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Abstract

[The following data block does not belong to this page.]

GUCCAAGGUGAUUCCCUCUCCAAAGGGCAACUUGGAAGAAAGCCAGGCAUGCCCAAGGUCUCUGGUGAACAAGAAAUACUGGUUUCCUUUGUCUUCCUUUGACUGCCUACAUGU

This article commemorates the fiftieth anniversary of the Second Circuit’s Texas Gulf Sulphur decision by examining the impact of the case on insider trading law in the United States. The author begins by discussing the SEC’s opinion, In the Matter of Cady, Roberts & Co., which laid the foundation for the Texas Gulf Sulphur decision by creating a federal duty to disclose material nonpublic information or abstain from trading securities. The author then posits that the SEC, in its Cady, Roberts decision, rejected judicially developed common law fiduciary duty to disclose based on trust and confidence, and, by administrative fiat, substituted a broader federal duty of disclosure centered on access and unfairness. Next, the article examines how the Cady, Roberts decision would fair under the Supreme Court’s modern insider trading law. Finally, the article concludes with a discussion of the court’s adoption of a new federal duty of disclosure in Texas Gulf Sulphur.

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